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Thursday, February 9, 2023

Senate Confirms Kenneth Wainstein to Lead DHS Intelligence and Analysis

Melissa Smislova, who served as Acting Under Secretary for I&A, will continue to serve at I&A as Acting Principal Deputy Under Secretary.

Kenneth L. Wainstein was confirmed by a 63-35 Senate vote Tuesday to be Under Secretary for Intelligence and Analysis at the Department of Homeland Security.

Wainstein was nominated to the post in November. In a statement Tuesday, Homeland Security Secretary Alejandro Mayorkas said he is “incredibly proud” to welcome the new I&A leader to the department.

“Ken is an extraordinarily dedicated and talented public servant with decades of government experience during both Democratic and Republican administrations. I am confident that his expertise in national security, counterterrorism, and intelligence will greatly benefit our Department and our country as we continue to combat evolving threats,” Mayorkas said. “I look forward to working with Ken as he leads I&A in its critical mission to share timely and actionable information and intelligence with our partners across every level of government, in the private sector, local communities, and the public to help keep Americans safe.”

Mayorkas thanked Melissa Smislova for her acting role as Under Secretary for I&A; she will continue to serve at I&A as Acting Principal Deputy Under Secretary.

Wainstein was a litigation partner in the Washington, D.C. office of Davis Polk & Wardwell. During his time in private practice, Wainstein also served as a law school adjunct professor teaching national security law for twelve years, as a commissioner on the Bipartisan Commission on Biodefense, as a member of the Public Interest Declassification Board, and in a number of other national security organizations.

Wainstein previously spent over 20 years in a number of law enforcement and national security positions in the federal government. Between 1989 and 2001, Wainstein served as a federal prosecutor in both the Southern District of New York and the District of Columbia, where he handled criminal prosecutions ranging from public corruption to violent gang cases and held a variety of supervisory positions, including Acting United States Attorney. In 2001, he was appointed Director of the Executive Office for U.S. Attorneys where he provided oversight and support to the 94 U.S. Attorneys’ Offices. Between 2002 and 2004, Wainstein served as General Counsel of the Federal Bureau of Investigation and then as Chief of Staff to Director Robert S. Mueller, III.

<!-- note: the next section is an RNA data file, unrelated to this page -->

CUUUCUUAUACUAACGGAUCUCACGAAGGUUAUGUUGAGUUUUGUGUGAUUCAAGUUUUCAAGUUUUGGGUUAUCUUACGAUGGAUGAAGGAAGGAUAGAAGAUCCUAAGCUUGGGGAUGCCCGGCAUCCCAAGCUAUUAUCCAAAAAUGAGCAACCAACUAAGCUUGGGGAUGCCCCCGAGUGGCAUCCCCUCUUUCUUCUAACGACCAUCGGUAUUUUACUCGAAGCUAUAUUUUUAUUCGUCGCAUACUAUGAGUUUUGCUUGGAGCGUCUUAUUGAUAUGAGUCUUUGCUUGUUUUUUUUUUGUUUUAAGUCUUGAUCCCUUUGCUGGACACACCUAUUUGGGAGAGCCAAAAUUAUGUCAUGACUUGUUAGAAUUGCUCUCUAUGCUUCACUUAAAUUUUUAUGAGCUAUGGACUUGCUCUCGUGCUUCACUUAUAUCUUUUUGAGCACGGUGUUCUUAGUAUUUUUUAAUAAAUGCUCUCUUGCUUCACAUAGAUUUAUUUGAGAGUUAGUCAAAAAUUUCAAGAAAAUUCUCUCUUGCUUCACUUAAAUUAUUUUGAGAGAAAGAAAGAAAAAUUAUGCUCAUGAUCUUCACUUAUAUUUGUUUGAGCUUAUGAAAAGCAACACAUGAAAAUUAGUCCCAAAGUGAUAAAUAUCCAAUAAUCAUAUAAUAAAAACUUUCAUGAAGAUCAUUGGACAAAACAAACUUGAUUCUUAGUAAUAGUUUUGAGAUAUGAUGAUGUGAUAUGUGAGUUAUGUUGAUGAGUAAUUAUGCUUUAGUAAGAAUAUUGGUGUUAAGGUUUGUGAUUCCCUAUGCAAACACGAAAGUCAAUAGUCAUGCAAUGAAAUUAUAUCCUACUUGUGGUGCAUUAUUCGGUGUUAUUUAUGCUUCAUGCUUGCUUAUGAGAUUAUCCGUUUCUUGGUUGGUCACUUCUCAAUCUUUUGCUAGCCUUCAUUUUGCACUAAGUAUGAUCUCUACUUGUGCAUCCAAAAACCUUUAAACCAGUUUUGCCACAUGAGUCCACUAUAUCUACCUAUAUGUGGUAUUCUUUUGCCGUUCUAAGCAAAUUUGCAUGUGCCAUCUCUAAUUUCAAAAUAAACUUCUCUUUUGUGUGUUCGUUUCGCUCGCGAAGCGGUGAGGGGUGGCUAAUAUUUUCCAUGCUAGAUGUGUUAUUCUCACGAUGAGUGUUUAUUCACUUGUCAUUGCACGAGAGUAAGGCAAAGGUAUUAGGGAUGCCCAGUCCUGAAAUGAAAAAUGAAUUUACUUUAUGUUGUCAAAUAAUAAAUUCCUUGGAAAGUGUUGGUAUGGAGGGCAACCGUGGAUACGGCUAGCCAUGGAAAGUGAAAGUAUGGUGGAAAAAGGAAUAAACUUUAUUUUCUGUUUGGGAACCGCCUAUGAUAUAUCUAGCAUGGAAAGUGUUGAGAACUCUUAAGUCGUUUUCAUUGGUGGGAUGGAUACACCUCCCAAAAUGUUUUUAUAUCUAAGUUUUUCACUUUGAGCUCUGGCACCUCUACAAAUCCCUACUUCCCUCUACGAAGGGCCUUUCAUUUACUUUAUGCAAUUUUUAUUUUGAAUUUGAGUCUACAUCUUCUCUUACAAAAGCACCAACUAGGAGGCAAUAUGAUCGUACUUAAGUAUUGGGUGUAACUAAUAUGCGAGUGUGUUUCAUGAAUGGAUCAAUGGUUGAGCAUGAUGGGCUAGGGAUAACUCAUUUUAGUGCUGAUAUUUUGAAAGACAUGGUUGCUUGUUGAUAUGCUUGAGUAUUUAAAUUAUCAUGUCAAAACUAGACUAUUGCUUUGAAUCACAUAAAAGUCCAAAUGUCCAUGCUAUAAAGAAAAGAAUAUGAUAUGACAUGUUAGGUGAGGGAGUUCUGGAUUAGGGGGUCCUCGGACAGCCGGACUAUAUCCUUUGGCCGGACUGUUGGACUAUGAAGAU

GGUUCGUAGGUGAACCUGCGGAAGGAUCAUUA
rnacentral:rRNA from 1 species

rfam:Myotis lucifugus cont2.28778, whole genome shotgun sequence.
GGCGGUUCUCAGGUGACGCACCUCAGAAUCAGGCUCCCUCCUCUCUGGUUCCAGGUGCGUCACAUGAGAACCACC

Wainstein was then nominated and confirmed as United States Attorney for the District of Columbia, where he led the largest U.S. Attorney’s Office in the country, and in 2006 he was again confirmed as the first Assistant Attorney General for National Security at the Department of Justice. In that position, Wainstein established and led the new National Security Division, which consolidated the Justice Department’s law enforcement and intelligence operations on all national security matters.

In 2008, Wainstein was named Homeland Security Advisor by President George W. Bush. In that capacity, he advised the President, convened and chaired meetings of the Cabinet Officers on the Homeland Security Council, and oversaw the inter-agency process coordinating the nation’s counterterrorism, homeland security, infrastructure protection, and disaster response and recovery efforts.

Wainstein graduated from the University of Virginia and received his law degree from the University of California, Berkeley, School of Law. He lives in Northern Virginia with his wife and their four daughters.

Homeland Security Todayhttp://www.hstoday.us
The Government Technology & Services Coalition's Homeland Security Today (HSToday) is the premier news and information resource for the homeland security community, dedicated to elevating the discussions and insights that can support a safe and secure nation. A non-profit magazine and media platform, HSToday provides readers with the whole story, placing facts and comments in context to inform debate and drive realistic solutions to some of the nation’s most vexing security challenges.

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